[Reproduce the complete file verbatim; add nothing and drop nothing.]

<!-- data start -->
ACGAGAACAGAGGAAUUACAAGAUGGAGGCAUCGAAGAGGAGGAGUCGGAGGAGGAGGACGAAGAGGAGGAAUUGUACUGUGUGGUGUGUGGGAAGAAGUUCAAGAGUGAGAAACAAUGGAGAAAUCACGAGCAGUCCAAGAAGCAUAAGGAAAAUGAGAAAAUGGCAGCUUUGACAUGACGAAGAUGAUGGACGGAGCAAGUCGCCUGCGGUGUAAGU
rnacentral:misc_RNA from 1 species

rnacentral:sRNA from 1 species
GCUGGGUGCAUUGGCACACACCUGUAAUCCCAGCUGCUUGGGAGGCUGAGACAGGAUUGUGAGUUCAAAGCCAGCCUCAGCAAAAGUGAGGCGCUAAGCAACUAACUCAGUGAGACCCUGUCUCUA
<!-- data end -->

ACGAGAACAGAGGAAUUACAAGAUGGAGGCAUCGAAGAGGAGGAGUCGGAGGAGGAGGACGAAGAGGAGGAAUUGUACUGUGUGGUGUGUGGGAAGAAGUUCAAGAGUGAGAAACAAUGGAGAAAUCACGAGCAGUCCAAGAAGCAUAAGGAAAAUGAGAAAAUGGCAGCUUUGACAUGACGAAGAUGAUGGACGGAGCAAGUCGCCUGCGGUGUAAGU
rnacentral:misc_RNA from 1 species

rnacentral:sRNA from 1 species
GCUGGGUGCAUUGGCACACACCUGUAAUCCCAGCUGCUUGGGAGGCUGAGACAGGAUUGUGAGUUCAAAGCCAGCCUCAGCAAAAGUGAGGCGCUAAGCAACUAACUCAGUGAGACCCUGUCUCUA